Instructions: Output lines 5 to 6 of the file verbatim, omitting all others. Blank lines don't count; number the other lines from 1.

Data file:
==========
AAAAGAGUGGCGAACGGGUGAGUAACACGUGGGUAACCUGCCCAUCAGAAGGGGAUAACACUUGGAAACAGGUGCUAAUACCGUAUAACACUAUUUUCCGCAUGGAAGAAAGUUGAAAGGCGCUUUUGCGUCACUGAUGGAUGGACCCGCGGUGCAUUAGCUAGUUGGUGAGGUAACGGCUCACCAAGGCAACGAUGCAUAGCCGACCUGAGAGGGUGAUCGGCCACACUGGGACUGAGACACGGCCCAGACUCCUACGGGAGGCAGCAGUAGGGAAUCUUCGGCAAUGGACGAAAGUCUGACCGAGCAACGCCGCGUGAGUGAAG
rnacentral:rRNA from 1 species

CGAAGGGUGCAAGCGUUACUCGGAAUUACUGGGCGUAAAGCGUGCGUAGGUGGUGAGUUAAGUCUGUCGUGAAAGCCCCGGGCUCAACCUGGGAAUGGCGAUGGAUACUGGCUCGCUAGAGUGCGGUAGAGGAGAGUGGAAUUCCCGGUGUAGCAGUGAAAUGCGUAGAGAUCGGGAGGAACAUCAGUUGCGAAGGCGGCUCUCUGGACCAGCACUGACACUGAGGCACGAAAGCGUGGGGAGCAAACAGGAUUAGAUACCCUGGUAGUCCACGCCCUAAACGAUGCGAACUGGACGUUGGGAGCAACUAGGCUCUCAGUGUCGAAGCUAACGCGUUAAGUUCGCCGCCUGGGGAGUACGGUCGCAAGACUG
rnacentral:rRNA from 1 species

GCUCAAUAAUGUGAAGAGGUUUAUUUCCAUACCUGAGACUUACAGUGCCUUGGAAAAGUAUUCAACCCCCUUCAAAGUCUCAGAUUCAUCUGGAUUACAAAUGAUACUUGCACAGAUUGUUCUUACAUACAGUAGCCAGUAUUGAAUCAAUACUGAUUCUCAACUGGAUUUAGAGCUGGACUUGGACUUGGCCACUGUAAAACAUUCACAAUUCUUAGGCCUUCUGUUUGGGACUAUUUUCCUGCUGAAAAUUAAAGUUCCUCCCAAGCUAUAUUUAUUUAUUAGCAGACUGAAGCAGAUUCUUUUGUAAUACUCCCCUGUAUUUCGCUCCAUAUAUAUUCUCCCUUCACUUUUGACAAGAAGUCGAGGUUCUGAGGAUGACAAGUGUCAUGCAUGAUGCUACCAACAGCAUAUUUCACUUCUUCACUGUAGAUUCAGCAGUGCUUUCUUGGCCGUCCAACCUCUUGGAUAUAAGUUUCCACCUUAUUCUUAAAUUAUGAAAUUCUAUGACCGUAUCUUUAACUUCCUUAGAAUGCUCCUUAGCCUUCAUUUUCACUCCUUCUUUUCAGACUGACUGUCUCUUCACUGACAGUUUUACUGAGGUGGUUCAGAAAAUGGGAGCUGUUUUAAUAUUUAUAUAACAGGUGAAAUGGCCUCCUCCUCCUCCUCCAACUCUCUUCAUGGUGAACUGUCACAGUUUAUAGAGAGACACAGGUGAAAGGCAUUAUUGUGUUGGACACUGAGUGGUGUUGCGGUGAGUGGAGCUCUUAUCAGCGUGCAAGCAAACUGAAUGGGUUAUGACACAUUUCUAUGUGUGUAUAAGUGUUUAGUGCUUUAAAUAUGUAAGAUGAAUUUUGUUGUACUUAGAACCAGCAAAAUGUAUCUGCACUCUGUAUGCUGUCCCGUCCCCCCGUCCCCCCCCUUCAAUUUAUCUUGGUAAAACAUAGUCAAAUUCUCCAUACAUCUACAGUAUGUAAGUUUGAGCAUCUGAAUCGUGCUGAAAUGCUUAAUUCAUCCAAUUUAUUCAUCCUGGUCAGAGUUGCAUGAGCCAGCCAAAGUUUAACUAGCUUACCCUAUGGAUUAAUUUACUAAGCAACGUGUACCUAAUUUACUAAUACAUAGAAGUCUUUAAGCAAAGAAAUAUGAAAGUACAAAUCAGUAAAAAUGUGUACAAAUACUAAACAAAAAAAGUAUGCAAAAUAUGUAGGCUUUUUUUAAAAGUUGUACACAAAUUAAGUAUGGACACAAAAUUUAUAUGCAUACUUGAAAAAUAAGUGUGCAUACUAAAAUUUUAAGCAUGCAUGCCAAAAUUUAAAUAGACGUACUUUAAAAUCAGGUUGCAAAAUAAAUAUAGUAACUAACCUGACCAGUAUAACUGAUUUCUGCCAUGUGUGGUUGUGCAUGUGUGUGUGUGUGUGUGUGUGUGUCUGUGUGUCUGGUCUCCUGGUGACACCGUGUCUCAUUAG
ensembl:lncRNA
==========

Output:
GCUCAAUAAUGUGAAGAGGUUUAUUUCCAUACCUGAGACUUACAGUGCCUUGGAAAAGUAUUCAACCCCCUUCAAAGUCUCAGAUUCAUCUGGAUUACAAAUGAUACUUGCACAGAUUGUUCUUACAUACAGUAGCCAGUAUUGAAUCAAUACUGAUUCUCAACUGGAUUUAGAGCUGGACUUGGACUUGGCCACUGUAAAACAUUCACAAUUCUUAGGCCUUCUGUUUGGGACUAUUUUCCUGCUGAAAAUUAAAGUUCCUCCCAAGCUAUAUUUAUUUAUUAGCAGACUGAAGCAGAUUCUUUUGUAAUACUCCCCUGUAUUUCGCUCCAUAUAUAUUCUCCCUUCACUUUUGACAAGAAGUCGAGGUUCUGAGGAUGACAAGUGUCAUGCAUGAUGCUACCAACAGCAUAUUUCACUUCUUCACUGUAGAUUCAGCAGUGCUUUCUUGGCCGUCCAACCUCUUGGAUAUAAGUUUCCACCUUAUUCUUAAAUUAUGAAAUUCUAUGACCGUAUCUUUAACUUCCUUAGAAUGCUCCUUAGCCUUCAUUUUCACUCCUUCUUUUCAGACUGACUGUCUCUUCACUGACAGUUUUACUGAGGUGGUUCAGAAAAUGGGAGCUGUUUUAAUAUUUAUAUAACAGGUGAAAUGGCCUCCUCCUCCUCCUCCAACUCUCUUCAUGGUGAACUGUCACAGUUUAUAGAGAGACACAGGUGAAAGGCAUUAUUGUGUUGGACACUGAGUGGUGUUGCGGUGAGUGGAGCUCUUAUCAGCGUGCAAGCAAACUGAAUGGGUUAUGACACAUUUCUAUGUGUGUAUAAGUGUUUAGUGCUUUAAAUAUGUAAGAUGAAUUUUGUUGUACUUAGAACCAGCAAAAUGUAUCUGCACUCUGUAUGCUGUCCCGUCCCCCCGUCCCCCCCCUUCAAUUUAUCUUGGUAAAACAUAGUCAAAUUCUCCAUACAUCUACAGUAUGUAAGUUUGAGCAUCUGAAUCGUGCUGAAAUGCUUAAUUCAUCCAAUUUAUUCAUCCUGGUCAGAGUUGCAUGAGCCAGCCAAAGUUUAACUAGCUUACCCUAUGGAUUAAUUUACUAAGCAACGUGUACCUAAUUUACUAAUACAUAGAAGUCUUUAAGCAAAGAAAUAUGAAAGUACAAAUCAGUAAAAAUGUGUACAAAUACUAAACAAAAAAAGUAUGCAAAAUAUGUAGGCUUUUUUUAAAAGUUGUACACAAAUUAAGUAUGGACACAAAAUUUAUAUGCAUACUUGAAAAAUAAGUGUGCAUACUAAAAUUUUAAGCAUGCAUGCCAAAAUUUAAAUAGACGUACUUUAAAAUCAGGUUGCAAAAUAAAUAUAGUAACUAACCUGACCAGUAUAACUGAUUUCUGCCAUGUGUGGUUGUGCAUGUGUGUGUGUGUGUGUGUGUGUGUCUGUGUGUCUGGUCUCCUGGUGACACCGUGUCUCAUUAG
ensembl:lncRNA